An exciting new video series will explore a little-known chapter of Soviet Jewish history: The Chassidic underground in Samarkand, deep in the heart of Soviet Asia.

The series documents the life of Chabad Rabbi Hillel Zaltzman. Born in 1939 in Kharkov, Ukraine, he fled with his family from the Nazi invasion when he was just a toddler, heading east to Uzbekistan.

There, at the fringe of the Soviet Empire, the Chabad-Lubavitch Chassidic community established synagogues and yeshivahs, and held brit milahs, bar mitzvahs and weddings. In 1946, a majority of this underground community escaped to the West, but the Zaltzmans and a group of other brave souls remained until 1971, serving as a bulwark in the battle to keep Judaism alive in the face of Soviet oppression.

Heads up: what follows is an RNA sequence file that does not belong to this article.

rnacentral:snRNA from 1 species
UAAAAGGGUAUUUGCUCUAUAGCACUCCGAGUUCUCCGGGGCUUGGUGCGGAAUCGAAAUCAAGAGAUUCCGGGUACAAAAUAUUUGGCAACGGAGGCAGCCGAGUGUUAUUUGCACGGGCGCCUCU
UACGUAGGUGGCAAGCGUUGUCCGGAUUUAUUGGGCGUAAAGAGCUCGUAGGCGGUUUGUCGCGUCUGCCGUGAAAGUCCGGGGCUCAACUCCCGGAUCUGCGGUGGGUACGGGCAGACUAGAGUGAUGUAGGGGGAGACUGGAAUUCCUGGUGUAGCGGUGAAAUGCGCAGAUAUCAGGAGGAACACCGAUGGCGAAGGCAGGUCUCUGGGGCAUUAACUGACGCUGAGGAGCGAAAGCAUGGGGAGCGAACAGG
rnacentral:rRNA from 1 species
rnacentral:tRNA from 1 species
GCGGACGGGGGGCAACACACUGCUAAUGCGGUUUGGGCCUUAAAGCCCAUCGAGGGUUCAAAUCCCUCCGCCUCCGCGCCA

He and his cohorts lived double lives, appearing to be model Soviet citizens, all the while immersing themselves and their children in a rich Jewish universe few knew existed.

Zaltzman’s story has received wide acclaim since his memoir, Samarkand, was published last year in Hebrew, English and Russian.

After he was was honored this spring in the U.S. Senate, sat down to document Zaltzman’s story in a 23-part video series called Inside the Samarkand Jewish Underground: Short stories of Jewish courage amidst constant threat in Communist Soviet Union.

Episodes can be viewed online for immediate binge-watching on’s video site,, or weekly on’s Facebook page.